Matrlineal studies can often be used for comparison of living descents using mitochondrial DNA (mtDNA). Seth Wheeler would have had the same mtDNA as his matrlinieal immigrant ancestor Alice. While Seth Wheeler has descendants, as a male, he does not pass his mtDNA on to his children, and Seth’s three sisters all died unmarried without children. I could make some joke here about DNA and toilet paper, but I’m flush out of puns.


[1] Lebanon Church Records, 7:27; Alice Griffin Hatch (1847-1937), Genealogies Compiled by Mrs. Alice G. Hatch, a biography of Azel Hatch referring to them as ancestors of Seth Wheeler of the Albany paper company.

[2] This work incorrectly calls him “Azel Hovey,” which was the name of the son with whom he lived. All census, vital, and military records refer to him as Nathan Hovey.

[3] Gary Boyd Roberts, The Royal Descents of 900 Immigrants (Baltimore, 2018).

About Christopher C. Child

Chris Child has worked for various departments at NEHGS since 1997 and became a full-time employee in July 2003. He has been a member of NEHGS since the age of eleven. He has written several articles in American Ancestors, The New England Historical and Genealogical Register, and The Mayflower Descendant. He is the co-editor of The Ancestry of Catherine Middleton (NEHGS, 2011), co-author of The Descendants of Judge John Lowell of Newburyport, Massachusetts (Newbury Street Press, 2011) and Ancestors and Descendants of George Rufus and Alice Nelson Pratt (Newbury Street Press, 2013), and author of The Nelson Family of Rowley, Massachusetts (Newbury Street Press, 2014). Chris holds a B.A. in history from Drew University in Madison, New Jersey.

8 thoughts on “Flushed with pride

  1. As I am also a descendant of Alice Freeman Thompson Parke, I am delighted to learn that a cousin of mine, Seth Wheeler, invented our modern toilet paper. I also have Wheeler ancestors, so may be connected on that line as well. This is a particularly felicitous time for me to share with my family their toilet paper ancestry. Thanks!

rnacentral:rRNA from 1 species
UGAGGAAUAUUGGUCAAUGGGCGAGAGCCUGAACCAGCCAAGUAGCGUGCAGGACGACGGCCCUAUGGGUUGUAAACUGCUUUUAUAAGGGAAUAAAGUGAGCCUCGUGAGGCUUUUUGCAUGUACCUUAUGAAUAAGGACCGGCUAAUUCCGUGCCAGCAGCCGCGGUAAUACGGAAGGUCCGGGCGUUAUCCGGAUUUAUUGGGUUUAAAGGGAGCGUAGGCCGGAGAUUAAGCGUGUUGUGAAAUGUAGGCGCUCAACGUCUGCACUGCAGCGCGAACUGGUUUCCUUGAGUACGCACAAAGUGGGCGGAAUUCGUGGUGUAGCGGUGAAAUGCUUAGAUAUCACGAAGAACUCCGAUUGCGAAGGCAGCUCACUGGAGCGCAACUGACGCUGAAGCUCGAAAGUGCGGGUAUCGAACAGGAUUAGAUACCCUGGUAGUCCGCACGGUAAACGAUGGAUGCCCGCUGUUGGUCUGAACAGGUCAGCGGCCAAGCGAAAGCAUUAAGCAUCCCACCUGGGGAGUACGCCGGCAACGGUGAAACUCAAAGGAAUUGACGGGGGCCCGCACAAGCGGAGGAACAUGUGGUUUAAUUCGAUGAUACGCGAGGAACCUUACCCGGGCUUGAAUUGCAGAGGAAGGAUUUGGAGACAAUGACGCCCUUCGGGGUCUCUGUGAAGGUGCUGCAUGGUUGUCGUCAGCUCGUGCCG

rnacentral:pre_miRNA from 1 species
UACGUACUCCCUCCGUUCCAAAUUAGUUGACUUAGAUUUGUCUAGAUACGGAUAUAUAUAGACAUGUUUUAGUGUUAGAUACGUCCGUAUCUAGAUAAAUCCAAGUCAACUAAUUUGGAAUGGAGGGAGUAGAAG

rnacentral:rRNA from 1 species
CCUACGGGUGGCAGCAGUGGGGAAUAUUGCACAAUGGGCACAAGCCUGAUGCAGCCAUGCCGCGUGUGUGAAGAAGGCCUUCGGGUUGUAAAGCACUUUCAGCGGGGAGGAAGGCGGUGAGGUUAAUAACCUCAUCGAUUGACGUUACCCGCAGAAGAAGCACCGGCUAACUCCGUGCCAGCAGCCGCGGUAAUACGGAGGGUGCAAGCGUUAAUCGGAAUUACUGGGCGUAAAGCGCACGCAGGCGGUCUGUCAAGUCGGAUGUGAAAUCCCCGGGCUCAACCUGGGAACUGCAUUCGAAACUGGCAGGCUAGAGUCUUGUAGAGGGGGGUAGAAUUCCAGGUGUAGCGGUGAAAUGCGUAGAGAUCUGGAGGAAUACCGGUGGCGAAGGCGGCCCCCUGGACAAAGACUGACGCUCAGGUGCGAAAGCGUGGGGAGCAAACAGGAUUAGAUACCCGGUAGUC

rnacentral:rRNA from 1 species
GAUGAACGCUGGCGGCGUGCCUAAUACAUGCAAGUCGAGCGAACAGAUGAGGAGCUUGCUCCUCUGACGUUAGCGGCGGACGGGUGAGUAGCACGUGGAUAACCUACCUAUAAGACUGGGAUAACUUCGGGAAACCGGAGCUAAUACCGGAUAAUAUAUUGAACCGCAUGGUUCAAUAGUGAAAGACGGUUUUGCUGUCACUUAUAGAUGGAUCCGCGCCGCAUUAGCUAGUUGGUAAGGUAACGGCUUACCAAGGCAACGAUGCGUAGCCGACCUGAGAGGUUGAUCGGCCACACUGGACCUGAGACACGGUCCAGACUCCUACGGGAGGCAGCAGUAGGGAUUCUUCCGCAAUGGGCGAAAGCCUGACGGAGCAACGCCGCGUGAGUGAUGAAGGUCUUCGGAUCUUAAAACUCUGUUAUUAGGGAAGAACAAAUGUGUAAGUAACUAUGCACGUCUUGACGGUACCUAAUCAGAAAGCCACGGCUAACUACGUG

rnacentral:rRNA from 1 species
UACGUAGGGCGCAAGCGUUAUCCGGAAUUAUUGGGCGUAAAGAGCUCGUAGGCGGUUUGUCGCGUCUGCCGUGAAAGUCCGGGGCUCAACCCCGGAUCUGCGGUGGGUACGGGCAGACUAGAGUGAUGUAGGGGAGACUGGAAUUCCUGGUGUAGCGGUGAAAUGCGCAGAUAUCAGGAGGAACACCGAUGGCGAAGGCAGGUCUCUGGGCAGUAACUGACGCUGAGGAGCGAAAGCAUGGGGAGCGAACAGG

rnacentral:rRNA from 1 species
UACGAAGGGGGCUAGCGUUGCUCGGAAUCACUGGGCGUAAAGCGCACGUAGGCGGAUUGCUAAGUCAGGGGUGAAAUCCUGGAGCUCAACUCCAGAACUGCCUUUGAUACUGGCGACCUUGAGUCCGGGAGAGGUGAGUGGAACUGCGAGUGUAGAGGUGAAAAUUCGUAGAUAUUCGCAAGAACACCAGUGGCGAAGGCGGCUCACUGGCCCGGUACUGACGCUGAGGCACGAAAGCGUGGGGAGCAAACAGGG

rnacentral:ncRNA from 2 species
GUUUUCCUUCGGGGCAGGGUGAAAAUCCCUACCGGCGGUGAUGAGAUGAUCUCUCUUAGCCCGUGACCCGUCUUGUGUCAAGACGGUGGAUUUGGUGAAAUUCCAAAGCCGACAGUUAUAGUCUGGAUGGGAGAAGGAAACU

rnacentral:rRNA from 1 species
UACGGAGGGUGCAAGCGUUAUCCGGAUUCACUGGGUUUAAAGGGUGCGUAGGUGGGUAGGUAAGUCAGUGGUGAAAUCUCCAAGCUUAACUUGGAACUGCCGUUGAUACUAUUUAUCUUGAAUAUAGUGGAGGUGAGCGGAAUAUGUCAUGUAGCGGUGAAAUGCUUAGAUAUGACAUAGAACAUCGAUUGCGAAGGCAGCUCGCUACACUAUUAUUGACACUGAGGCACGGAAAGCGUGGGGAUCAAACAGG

2. Fascinating story even without the toilet paper connection. One small correction: Alice (Freeman) (Tompson) Parke died after 24 Dec. 1658 [TAG 87:216], not in 1646.

  3. Chris, I have no idea what you are talking about. Genealogical minds wandering??? Thanks for putting this all together and giving us the “proper paperwork.” (And personally, the puns were the bomb!)

  4. For just a moment I thought my Cooke line was famous! But they were only passengers on the Mayflower.

  5. I love this – because it shows the way TP was meant to be placed! It is the “over”! But I am sorry that as a Cooke descendant, we cannot claim Seth in the family.

  6. My hubs also descends from Alice Freeman and John Thompson, through their daughter Dorothy and her daughter Martha who married a Wheeler. So, perhaps a connection to Seth of the perf TP fame. Interestingly, one of my ancestral cousins had the patent for the TP dispenser spindle. We were meant to be…